When I was a school principal, years ago, I recall sitting around with my colleagues commiserating about all the external demands we had to contend with. We joked that we could get so much more done “if only we were left alone to do our jobs!” I suspect that sentiment is like a mantra in so many workplaces: leaders feeling their effectiveness is compromised due to various forces beyond their control. While it was fun to lament with colleagues – misery loves company – over the years I began to realize just how self-defeating that perspective is. Even when it is true that outside forces might be working against us, my work with Kim on Balanced Leadership has given me a refreshing insight: when we focus too much on external forces, we are, in effect, voluntarily allowing our power to be taken from us. There is a different approach: look inside yourself for guidance and power. Lead from the inside.
It begins by acknowledging that there are two definitions of power, both with benefits and drawbacks. Power can mean to assert your will even against the will of others. This is your power to response to external forces. The positive side of this form of power is essential to effective leadership – the world of goals, action plans and results. The shadow side of this type of power is the zero sum game mentality it encourages – you either win or lose the power struggle. Other times, you are so intent on asserting your position you lose sight of your capacity to take on or consider other perspectives. When power is applied without discernment it often becomes misplaced and counter-productive.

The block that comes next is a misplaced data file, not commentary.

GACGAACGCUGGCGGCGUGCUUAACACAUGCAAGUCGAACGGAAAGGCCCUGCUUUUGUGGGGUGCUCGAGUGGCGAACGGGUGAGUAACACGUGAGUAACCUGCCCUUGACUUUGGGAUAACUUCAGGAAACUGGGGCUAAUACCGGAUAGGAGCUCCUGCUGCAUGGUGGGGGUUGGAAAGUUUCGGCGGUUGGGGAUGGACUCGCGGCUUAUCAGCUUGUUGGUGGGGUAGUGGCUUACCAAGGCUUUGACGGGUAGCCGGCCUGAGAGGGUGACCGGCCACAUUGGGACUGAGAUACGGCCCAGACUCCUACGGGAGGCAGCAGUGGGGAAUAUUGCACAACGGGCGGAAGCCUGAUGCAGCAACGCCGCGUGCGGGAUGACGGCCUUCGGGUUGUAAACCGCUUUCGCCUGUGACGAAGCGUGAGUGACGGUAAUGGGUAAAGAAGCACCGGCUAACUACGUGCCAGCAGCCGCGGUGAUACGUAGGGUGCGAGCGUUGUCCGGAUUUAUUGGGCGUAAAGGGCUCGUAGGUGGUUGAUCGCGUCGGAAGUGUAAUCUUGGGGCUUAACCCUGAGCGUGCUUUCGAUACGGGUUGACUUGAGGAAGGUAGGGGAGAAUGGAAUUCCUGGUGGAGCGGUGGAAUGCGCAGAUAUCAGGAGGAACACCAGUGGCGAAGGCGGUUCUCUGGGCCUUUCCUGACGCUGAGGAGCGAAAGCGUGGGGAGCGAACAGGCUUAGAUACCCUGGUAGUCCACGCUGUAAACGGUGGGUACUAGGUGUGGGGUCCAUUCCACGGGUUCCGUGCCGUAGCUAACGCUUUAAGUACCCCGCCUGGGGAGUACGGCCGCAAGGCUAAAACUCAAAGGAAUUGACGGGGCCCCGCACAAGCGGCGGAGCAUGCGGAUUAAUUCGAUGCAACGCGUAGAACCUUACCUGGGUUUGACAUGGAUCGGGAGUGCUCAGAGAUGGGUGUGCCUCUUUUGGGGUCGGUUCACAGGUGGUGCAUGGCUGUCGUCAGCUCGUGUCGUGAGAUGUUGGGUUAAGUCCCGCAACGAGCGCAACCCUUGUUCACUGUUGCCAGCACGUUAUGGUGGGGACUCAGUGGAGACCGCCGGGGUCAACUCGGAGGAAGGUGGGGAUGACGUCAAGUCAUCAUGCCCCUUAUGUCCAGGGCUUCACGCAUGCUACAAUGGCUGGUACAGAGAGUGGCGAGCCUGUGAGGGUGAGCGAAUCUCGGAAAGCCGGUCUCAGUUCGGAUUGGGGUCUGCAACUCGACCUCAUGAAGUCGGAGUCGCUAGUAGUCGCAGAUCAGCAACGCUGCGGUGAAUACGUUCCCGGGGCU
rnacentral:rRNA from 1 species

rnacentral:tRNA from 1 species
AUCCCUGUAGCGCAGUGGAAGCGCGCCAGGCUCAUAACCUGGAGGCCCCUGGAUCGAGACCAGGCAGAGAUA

The second form of power is being all you are capable of being and wanting others to be all they can be. This is the “inside-out” form of power wherein the importance of your relationship with self is acknowledged as fundamental to success. The positive side of this power is equally important in leadership. It’s where meaning, authenticity and belonging are your sources of power. These are the tools that allow creativity , engagement, and strong relationships to flourish. You access them by looking inward and bringing forward your best self, creating the environment for other people to be their best self also.
When a leader’s connection to self is tenuous, it leaves room for shadow elements like gossip and chaos to emerge. Whatever is in our heart will generate itself, and in the absence of a strong connection to self, positive, empowering energies dissipate and toxic, dysfunctional forces emerge. In a very practical sense, whatever leaders hold in their hearts is revealed through their actions.
When we take up our own power by connecting to what we love, we are restoring our connection with self. In archetypal terms, we plug back into our Virgin energy – the power to be all we are capable of being. Starting from that place is a game-changer. We stop seeing ourselves as passive recipients, pushed around by what comes our way. When the starting point is a grounded and joyful sense of self, leaders can respond wisely to what comes their way. They don’t ignore what’s “out there” but don’t react to it either. Using this type of power means we are not defined by external forces, but by our own sense of self. This is a critical aspect of Balanced Leadership.
Think right now about what you are good at, what you enjoy doing at work and make a place for it in your job. Seek out others who are supportive. Create a world where self-expression and mutually respectful working relationships can flourish. Explore new ways to do things, expand your self-knowledge, one baby step at a time. Above all, retain the power of self-connection. Not only will that help you deal with the inevitable external demands, it will empower those around you. Lead from the inside.